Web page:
India wastes one out of every six sacks of fruits and vegetables ever year due to a cold chain system that fulfils less than half the requirement. Investment of Rs 55,000 crore is needed to catch up, an industry report says.
Although report after report has pointed out how India wastes its produce whether it is foodgrains or cash crops the logistics and ware¡housing industry in India remains woefully inadequate and of poor quality. A new report on the world´s second largest producer of fruits and vegetables provides indicative figures of what wastages of fresh produce is costing us the data compiled by the company says the country loses tens of thousands of crore rupees every year because of lack of good cold storage facilities and refrigerated transport.
The Emerson food wastage and cold storage report (by Emerson Climate Technologies India, a business of the US-based manufacturing and technology company Emerson) cites studies that have pegged the value of fruits, vegetables and grains wastage in India at Rs 44,000 crore annually. Fruits and vegetables account for the largest portion of that wastage. Eighteen per cent of India´s fruit and vegetable production valued at Rs 13,300 crore is wasted annually, according to data from the Central Institute of Post-Harvest Engineering and Technology (CIPHET). Two of the biggest contributors to food losses are the lack of refrigerated transport and the lack of high quality cold storage facilities for food manufacturers and food sellers.
Without improvements to its ´cold chain´ infrastructure, from farm harvest to table, India´s food problems will remain vast and are likely to grow, warns the Emerson report.
Currently, India has 6,300 cold storage facilities unevenly spread across the country, with an installed capacity of 30.11 million tonne (mt). Studies have shown this is half the amount of cold storage facilities that India actually needs. Cold storage capacity for all food products in the country should be more than 61 mt. In order to reach that target, the report says an investment of more than Rs 55,000 crore is needed by 2015-2016 just to keep up with growing fruit and vegetable production levels.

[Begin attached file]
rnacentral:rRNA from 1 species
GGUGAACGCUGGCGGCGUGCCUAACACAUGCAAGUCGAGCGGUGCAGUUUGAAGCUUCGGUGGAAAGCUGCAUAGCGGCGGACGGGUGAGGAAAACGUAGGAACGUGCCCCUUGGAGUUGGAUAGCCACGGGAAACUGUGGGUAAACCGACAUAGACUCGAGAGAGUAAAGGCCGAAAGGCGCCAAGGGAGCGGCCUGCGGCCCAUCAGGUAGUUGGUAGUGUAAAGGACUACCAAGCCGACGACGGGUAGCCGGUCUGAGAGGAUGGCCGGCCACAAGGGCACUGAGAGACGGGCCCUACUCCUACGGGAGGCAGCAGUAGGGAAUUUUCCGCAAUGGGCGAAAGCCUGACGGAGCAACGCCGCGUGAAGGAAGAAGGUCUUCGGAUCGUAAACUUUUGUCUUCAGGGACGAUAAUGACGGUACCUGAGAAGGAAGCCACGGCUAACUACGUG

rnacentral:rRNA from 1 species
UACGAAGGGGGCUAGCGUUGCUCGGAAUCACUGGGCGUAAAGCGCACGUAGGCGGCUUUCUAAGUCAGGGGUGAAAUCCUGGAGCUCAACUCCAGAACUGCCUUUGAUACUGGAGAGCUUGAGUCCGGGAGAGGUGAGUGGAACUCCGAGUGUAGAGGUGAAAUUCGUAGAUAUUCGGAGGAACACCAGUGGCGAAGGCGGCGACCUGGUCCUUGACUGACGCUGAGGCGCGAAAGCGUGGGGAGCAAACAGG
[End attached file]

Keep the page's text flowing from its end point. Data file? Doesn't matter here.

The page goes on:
´While progress is being made, this report confirms the cold storage situation is more acute than many realise,´ said Pradipta Sen, president of Emerson´s India, Middle East and Africa region.
While financial investment in cold storage facilities and refrigerated transport is vital, the Emerson Climate Technologies report also highlights additional challenges faced by India´s cold storage industry today.
The three biggest challenges are (1) high lifecycle costs for a cold storage facility that typically needs land and buildings to hold 6,000 mt of food; (2) uneven distribution of cold storage facilities with 60 percent of existing facilities located near the point of production in just four states and too few closer to distribution points in the other 24 states; and (3) low awareness of best storage practices amongst industry players. Other findings cited by the report are as follows:
Article courtesy: Emerson Climate Technologies, which has opened its first Cold Chain and Distribution Centre in Chakan (Pune).